Wednesday, February 17, 2010

99¢ Only Stores

So, I was at my local 99¢ Only Store to buy gag gifts for a friend who was coming into town, and geek that I am, I started thinking about how long it would be before "Helicopter Ben" Bernanke worked his magic and inflation caused the company to change its name. The $1.99 Only Stores doesn't quite have the same ring, does it?

Much like a central bank trying to disguise its money printing by reducing the metal content in its coins, maybe the store would first attempt to reduce the size of its merchandise - get 2 double A batteries for 99 cents, instead of 4. (Aside: you probably missed this in 2006 - New rules outlaw melting pennies, nickels for profit. This is a classic sign of a currency that is rapidly being debased. See

Anyway, sooner or later, playing with the quantity would stop working. After all, people would probably start noticing when the store tried to sell half a AA battery for 99 cents! At that point the gig is up - either the store has to overhaul its inventory to stock the lowest quality, commodity goods, or it will have to raise prices. How long do I think it will take? Well, according to their website, 99¢ Only Stores got started in 1982, right at the tail end of the Great Inflation, and benefited from the tailwind of rapidly declining inflation. Given my prognosis for significant inflation in the US in the next 3-5 years and the start of a new era of inflation, I expect to see a name change in about 10 years.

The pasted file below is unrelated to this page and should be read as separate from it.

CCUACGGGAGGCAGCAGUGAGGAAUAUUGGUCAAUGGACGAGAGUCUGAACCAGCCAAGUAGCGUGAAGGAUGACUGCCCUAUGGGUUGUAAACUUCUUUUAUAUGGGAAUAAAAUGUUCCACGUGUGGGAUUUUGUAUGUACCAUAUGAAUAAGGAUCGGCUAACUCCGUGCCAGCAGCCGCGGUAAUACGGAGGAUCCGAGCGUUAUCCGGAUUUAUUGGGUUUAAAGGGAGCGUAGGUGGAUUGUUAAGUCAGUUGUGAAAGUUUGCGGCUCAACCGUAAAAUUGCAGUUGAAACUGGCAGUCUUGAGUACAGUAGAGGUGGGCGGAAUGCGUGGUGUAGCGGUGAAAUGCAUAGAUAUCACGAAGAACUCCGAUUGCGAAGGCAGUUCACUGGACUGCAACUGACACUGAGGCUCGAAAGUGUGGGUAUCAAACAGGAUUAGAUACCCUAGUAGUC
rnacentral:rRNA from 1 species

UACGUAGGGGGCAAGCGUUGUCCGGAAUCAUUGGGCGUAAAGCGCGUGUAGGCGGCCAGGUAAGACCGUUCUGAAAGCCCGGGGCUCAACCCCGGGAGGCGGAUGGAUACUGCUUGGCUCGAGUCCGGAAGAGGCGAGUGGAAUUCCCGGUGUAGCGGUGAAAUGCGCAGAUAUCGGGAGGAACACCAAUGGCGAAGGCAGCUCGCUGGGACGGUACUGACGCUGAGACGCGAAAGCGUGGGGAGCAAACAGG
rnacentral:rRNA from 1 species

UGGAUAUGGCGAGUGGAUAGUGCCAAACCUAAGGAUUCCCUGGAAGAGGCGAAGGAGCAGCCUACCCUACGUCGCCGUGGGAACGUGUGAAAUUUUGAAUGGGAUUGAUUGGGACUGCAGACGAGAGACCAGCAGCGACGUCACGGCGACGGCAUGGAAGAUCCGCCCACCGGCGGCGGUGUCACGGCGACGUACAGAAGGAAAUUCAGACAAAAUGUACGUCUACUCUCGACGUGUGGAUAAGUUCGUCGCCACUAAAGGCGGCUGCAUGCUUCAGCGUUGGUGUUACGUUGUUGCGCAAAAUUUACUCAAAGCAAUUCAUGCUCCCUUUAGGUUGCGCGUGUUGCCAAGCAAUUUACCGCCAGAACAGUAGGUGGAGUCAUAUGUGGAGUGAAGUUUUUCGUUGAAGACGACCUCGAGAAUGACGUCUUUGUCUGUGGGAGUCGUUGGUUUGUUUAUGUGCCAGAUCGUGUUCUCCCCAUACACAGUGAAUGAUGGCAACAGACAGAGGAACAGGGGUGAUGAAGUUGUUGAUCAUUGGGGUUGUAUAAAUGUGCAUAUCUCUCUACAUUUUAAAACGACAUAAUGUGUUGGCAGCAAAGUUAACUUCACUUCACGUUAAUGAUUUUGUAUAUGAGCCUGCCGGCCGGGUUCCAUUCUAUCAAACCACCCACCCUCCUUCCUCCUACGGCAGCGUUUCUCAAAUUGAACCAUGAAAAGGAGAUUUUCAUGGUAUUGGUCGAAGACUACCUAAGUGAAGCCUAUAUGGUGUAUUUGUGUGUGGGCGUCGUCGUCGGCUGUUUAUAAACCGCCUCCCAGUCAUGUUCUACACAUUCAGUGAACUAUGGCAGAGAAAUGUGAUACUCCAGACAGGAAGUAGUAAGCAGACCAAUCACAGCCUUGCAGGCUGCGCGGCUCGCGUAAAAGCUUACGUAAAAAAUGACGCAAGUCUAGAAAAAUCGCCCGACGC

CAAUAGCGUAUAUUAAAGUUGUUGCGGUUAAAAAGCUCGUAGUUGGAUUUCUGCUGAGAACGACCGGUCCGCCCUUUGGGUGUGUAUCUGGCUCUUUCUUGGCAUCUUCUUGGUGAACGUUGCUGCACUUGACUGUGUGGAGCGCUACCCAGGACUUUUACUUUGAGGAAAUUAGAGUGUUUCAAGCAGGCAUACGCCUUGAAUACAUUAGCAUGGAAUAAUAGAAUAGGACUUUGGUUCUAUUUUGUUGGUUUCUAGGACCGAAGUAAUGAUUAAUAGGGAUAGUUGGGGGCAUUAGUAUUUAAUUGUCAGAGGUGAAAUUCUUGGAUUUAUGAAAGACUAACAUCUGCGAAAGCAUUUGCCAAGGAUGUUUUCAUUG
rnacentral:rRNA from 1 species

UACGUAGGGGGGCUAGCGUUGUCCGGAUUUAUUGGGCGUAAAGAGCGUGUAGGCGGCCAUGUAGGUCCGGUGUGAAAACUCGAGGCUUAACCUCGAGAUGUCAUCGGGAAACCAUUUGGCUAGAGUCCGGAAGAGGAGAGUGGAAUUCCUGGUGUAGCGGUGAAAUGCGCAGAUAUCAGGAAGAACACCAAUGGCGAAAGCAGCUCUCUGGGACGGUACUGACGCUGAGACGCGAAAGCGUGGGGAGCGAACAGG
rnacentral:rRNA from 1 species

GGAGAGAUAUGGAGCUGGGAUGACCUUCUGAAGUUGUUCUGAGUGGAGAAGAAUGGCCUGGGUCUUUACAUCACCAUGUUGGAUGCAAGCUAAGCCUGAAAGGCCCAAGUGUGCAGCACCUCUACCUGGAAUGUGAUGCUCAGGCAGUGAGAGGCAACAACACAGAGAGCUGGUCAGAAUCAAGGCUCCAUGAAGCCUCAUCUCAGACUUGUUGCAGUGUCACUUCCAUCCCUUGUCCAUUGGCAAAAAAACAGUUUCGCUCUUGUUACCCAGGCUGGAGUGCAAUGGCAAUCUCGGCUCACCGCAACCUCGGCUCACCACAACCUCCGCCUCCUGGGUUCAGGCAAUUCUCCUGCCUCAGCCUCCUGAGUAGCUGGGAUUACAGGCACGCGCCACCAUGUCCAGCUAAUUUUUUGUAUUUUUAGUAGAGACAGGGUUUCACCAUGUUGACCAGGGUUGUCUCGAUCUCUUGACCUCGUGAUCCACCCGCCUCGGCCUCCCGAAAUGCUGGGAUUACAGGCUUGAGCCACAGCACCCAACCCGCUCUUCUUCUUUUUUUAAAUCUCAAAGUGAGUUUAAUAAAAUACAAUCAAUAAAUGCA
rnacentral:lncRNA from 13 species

China's vast (and excess) manufacturing capacity, a well as its under-priced currency is also a huge factor in the pricing of cheap retail goods. China has allowed its currency to appreciate over the last four years from a little over 8 yuan to the dollar to 6.84 today, but that appreciation has been too little and too slow for the U.S. Govt's taste. I will address China in a future post, but suffice it to say, I see serious problems ahead in their economy.

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